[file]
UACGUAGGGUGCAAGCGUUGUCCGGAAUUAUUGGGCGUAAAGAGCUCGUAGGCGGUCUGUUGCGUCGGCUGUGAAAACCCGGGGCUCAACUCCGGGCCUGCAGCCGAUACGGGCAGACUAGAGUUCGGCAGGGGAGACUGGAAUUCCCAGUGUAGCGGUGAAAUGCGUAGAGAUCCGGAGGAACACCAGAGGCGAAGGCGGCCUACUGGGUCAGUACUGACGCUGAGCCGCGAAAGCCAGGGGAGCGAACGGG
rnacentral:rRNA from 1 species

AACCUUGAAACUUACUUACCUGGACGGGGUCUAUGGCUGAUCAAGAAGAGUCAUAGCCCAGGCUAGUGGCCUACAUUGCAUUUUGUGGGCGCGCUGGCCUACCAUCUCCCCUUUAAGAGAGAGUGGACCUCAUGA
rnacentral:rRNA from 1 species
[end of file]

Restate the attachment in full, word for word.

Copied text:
UACGUAGGGUGCAAGCGUUGUCCGGAAUUAUUGGGCGUAAAGAGCUCGUAGGCGGUCUGUUGCGUCGGCUGUGAAAACCCGGGGCUCAACUCCGGGCCUGCAGCCGAUACGGGCAGACUAGAGUUCGGCAGGGGAGACUGGAAUUCCCAGUGUAGCGGUGAAAUGCGUAGAGAUCCGGAGGAACACCAGAGGCGAAGGCGGCCUACUGGGUCAGUACUGACGCUGAGCCGCGAAAGCCAGGGGAGCGAACGGG
rnacentral:rRNA from 1 species

AACCUUGAAACUUACUUACCUGGACGGGGUCUAUGGCUGAUCAAGAAGAGUCAUAGCCCAGGCUAGUGGCCUACAUUGCAUUUUGUGGGCGCGCUGGCCUACCAUCUCCCCUUUAAGAGAGAGUGGACCUCAUGA
rnacentral:rRNA from 1 species